Anyone who has watched television or even a streaming service in the past two years has noticed a sharp uptick in the number of reboots. These older shows are brought back from the dead, sometimes as a continuation as their old plot, and other times as a reimagining fit for the modern generation.
It’s the latest trend, and to say that television producers have gone all in is an understatement. Just a scant few of the reboots we’ve seen (or had announced) recently include Rosanne, Will and Grace, Charmed, Murphy Brown, and Queer Eye for the Straight Guy.
While rebooting old television shows that originally did well isn’t a new idea, the sheer number of reboots seen recently must surely break some kind of record. But why do TV networks keep rebooting old shows? Here’s what we know.
Reboots play on our nostalgia
Children who grew up in the 1990’s are the adult generation now, ranging between their mid-twenties and mid-thirties. The shows being rebooted are mostly geared at this specific generation (dubbed “millennials”), whether obvious or not.
Even the shows that weren’t meant for them then are shows which were watched when they stayed home sick from school or visited their grandparents house. It helps that “90’s kids” are known for being one of the most nostalgic generations.
Why the nostalgic aspect is so important
Nostalgia can be a beautiful thing. When living in uncertain times, as we are today, revisiting old television shows can help bring back those warm, fuzzy feelings people had while sprawled on their stomachs watching television in their childhood.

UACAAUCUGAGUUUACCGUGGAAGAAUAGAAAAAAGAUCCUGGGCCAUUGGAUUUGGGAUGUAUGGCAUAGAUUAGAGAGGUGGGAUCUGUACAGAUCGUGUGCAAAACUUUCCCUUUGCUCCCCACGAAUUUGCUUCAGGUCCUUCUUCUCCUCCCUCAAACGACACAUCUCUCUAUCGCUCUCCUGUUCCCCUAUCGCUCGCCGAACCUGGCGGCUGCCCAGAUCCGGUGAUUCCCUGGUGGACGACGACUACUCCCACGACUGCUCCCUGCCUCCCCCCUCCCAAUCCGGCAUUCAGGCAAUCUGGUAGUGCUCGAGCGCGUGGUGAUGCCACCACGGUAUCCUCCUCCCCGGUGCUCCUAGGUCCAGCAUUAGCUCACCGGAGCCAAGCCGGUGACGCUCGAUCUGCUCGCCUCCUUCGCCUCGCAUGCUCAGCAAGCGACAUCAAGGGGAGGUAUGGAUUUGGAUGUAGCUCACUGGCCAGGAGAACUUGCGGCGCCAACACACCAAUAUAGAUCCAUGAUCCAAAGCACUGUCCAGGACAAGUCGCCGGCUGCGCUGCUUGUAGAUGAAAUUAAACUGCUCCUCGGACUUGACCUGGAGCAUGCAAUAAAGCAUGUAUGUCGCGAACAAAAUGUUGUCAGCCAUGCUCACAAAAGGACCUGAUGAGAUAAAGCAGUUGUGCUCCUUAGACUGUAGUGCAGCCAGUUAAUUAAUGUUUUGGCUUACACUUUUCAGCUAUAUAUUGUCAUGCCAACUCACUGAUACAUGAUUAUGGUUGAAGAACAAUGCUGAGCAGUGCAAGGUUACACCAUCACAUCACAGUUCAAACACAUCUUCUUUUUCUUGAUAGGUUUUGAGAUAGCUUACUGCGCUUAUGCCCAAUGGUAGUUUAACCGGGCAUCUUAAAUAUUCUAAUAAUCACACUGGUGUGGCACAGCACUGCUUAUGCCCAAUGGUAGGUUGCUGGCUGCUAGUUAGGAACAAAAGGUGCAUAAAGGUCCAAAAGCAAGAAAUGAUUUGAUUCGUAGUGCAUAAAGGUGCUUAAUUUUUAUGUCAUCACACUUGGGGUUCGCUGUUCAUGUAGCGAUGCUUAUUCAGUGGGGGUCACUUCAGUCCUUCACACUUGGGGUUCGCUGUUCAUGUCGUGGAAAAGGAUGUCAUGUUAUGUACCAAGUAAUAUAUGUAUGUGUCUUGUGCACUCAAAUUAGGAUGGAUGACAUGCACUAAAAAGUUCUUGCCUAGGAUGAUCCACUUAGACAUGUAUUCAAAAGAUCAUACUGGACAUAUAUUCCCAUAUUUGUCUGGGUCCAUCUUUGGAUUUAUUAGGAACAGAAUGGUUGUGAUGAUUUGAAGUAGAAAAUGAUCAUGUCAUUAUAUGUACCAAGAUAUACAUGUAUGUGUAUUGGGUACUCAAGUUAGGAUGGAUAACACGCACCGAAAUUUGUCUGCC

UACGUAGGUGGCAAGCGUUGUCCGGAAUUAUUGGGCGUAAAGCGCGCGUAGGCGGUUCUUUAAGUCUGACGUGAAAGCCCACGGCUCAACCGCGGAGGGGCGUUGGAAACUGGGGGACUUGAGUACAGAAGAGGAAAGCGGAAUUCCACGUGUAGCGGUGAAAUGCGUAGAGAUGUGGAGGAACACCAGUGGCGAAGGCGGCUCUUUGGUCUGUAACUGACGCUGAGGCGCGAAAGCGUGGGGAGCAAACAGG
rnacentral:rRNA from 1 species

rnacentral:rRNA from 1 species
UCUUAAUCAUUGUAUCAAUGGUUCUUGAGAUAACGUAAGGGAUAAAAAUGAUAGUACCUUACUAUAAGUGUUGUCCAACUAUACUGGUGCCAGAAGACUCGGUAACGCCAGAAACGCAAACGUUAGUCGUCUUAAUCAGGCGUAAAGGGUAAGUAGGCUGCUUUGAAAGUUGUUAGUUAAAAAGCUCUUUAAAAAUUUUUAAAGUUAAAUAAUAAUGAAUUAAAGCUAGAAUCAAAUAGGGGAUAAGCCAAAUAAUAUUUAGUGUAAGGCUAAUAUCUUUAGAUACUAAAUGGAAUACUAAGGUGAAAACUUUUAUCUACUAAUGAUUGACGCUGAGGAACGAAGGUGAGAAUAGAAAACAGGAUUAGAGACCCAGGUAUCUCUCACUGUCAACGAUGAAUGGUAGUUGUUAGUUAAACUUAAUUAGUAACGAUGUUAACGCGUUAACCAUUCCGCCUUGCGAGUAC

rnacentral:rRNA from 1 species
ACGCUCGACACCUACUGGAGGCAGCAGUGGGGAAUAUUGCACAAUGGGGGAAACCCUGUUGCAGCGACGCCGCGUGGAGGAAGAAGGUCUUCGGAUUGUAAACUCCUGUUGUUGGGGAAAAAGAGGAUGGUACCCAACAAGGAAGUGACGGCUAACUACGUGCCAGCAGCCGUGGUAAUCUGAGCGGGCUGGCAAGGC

Preston Beckman, who worked as a network scheduler for both NBC and Fox, agrees with this statement. “Historically, when we’re living in difficult times, it’s always comforting to go back to programs that made us feel happy, felt comfortable, made us feel secure. Many of the shows that are being rebooted are, for many people… these are shows that take them back to better times.”
Reboot versus revival
It should also be noted that there is a difference between a reboot and a revival, and we’ve been seeing a combination of the two. A reboot is when an old show is given a brand new cast and (usually) changed a little to best fit with what the current generation will relate to. It’s the same story, but a different time, so to speak.
A revival, on the other hand, is when an old cast (or at least most of them) are brought back to carry on the story that was left off with whenever the show ended.
Some are thrilled
Some people are thrilled that all of their old favorites are being born anew. Again, it’s a play on the nostalgia that many of us both want and need in difficult times. Unfortunately, not everyone has nice things to say about all of these television reboots.
Many think it’s being overdone
The general consensus of critics is that when networks begin leaning too heavily on reboots, revivals, spin-offs, and sequels, that there is a desperate need for new ideas in Hollywood – a lack of creativity, so to speak. These same critics have gone on social media and spoken out in interviews about exactly what they think of all these reboots… and they weren’t exactly nice about it.
The executive editor of IndieWire, Michael Schneider, tweeted: “Anyone else getting the sense that broadcast TV is embarking on its Farewell Tour by playing all the hits one last time?”
Many fans took to Twitter to voice their outrage, also. One woman commented “Stop the insanity!!! Just say ‘no’ to reboots!!” Others tweeted “Doesn’t anyone have any new ideas?” and “Come on, enough is enough. Let the dead be dead.”